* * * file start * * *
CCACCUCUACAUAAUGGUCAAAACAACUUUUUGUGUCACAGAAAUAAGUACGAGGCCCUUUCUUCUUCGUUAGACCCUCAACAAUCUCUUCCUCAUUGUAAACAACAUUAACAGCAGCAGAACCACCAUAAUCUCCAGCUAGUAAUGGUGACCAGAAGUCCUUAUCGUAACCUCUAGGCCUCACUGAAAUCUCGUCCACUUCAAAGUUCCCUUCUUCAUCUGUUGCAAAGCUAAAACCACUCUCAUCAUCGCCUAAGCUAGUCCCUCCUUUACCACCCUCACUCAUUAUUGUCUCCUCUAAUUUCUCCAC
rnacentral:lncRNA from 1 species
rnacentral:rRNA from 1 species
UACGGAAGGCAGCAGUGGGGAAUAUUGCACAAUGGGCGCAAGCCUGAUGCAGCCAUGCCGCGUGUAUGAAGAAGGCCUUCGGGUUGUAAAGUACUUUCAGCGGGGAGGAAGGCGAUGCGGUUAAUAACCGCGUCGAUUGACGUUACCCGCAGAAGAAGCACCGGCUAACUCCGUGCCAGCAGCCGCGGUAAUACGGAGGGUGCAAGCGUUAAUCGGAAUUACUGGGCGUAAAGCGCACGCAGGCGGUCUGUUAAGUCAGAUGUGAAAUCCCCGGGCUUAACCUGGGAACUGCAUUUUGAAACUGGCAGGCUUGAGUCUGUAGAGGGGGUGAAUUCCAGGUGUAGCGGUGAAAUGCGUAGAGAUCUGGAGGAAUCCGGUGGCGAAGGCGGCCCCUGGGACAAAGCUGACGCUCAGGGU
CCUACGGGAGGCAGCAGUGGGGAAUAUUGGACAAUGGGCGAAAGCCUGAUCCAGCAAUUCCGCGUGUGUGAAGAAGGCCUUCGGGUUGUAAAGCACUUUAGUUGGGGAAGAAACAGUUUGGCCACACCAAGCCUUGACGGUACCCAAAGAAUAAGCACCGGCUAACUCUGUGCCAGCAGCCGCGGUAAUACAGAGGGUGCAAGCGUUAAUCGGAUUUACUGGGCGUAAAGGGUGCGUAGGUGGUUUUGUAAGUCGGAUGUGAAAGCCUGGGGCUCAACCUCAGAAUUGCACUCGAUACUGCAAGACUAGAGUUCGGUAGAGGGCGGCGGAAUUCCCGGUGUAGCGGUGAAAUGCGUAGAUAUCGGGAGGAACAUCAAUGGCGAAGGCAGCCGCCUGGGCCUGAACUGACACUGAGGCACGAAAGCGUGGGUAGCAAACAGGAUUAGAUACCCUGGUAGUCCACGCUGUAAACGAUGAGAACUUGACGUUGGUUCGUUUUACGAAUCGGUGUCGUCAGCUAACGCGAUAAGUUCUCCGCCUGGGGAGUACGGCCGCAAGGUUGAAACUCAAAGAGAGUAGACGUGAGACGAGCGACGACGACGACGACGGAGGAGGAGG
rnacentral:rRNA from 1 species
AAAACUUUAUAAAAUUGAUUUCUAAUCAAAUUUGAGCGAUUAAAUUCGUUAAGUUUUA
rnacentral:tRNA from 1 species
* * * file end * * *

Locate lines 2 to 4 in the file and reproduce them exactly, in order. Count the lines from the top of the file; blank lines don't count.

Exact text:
rnacentral:lncRNA from 1 species
rnacentral:rRNA from 1 species
UACGGAAGGCAGCAGUGGGGAAUAUUGCACAAUGGGCGCAAGCCUGAUGCAGCCAUGCCGCGUGUAUGAAGAAGGCCUUCGGGUUGUAAAGUACUUUCAGCGGGGAGGAAGGCGAUGCGGUUAAUAACCGCGUCGAUUGACGUUACCCGCAGAAGAAGCACCGGCUAACUCCGUGCCAGCAGCCGCGGUAAUACGGAGGGUGCAAGCGUUAAUCGGAAUUACUGGGCGUAAAGCGCACGCAGGCGGUCUGUUAAGUCAGAUGUGAAAUCCCCGGGCUUAACCUGGGAACUGCAUUUUGAAACUGGCAGGCUUGAGUCUGUAGAGGGGGUGAAUUCCAGGUGUAGCGGUGAAAUGCGUAGAGAUCUGGAGGAAUCCGGUGGCGAAGGCGGCCCCUGGGACAAAGCUGACGCUCAGGGU